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I agree - it was fixed to the wall --- it's no longer in that house. It was removed from there when I bought it.
 

rmarkowitz1_cee4a1

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Hi there Jim --- here's the dial and case ---- thanks for all your information -- I'm questioning Litchfield as well ---
View attachment 485362 View attachment 485363

View attachment 485360
Interesting question raised re: whether there may be evidence that the movement may have originally had a brass dial. If so, that implies that not just a previous earlier dial but a previous earlier case as well?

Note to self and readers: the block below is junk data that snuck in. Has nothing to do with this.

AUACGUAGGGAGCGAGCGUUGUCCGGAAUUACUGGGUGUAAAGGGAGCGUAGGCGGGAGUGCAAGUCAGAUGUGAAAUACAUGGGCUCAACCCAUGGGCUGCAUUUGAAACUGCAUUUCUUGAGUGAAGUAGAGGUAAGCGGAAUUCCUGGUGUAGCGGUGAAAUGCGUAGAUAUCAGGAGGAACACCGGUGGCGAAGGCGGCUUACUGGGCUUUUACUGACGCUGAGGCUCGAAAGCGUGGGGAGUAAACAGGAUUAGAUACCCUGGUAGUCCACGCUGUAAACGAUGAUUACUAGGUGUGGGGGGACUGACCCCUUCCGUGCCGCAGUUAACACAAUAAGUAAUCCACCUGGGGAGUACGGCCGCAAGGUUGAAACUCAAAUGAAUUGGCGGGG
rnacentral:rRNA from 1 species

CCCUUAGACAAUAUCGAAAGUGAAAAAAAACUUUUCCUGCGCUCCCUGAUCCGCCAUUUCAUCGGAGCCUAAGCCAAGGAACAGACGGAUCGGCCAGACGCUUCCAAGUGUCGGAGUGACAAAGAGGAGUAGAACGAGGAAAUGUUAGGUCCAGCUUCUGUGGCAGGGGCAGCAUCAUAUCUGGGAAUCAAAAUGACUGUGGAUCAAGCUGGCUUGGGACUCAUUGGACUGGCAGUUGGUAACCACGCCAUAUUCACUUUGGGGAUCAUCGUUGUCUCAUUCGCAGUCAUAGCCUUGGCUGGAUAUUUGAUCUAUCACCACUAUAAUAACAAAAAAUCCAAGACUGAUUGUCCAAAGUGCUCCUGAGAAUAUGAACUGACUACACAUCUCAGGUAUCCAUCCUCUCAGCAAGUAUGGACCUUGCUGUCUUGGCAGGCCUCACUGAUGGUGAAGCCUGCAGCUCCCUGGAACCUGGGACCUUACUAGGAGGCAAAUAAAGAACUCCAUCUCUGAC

This clock came from the home of an ancient Yankee family from W. Newbury, MA. It was sold @ an on-site auction that dispersed the possessions which that family had accumulated over many generations.

I suggest that the movement from an earlier clock was given a “new” dial and case (in this instance, by a Newburyport maker; that city is literally just up the road) in the latest fashion. A “period” alteration, if you will.

I will add that my recollection of the clock was that there did not appear to have ever been any other movement in that case. Also the dial appeared to be American. I will also add the auction was under a tent where it was dark & very crowded which made examining anything carefully next to impossible.

RM
 

Jim DuBois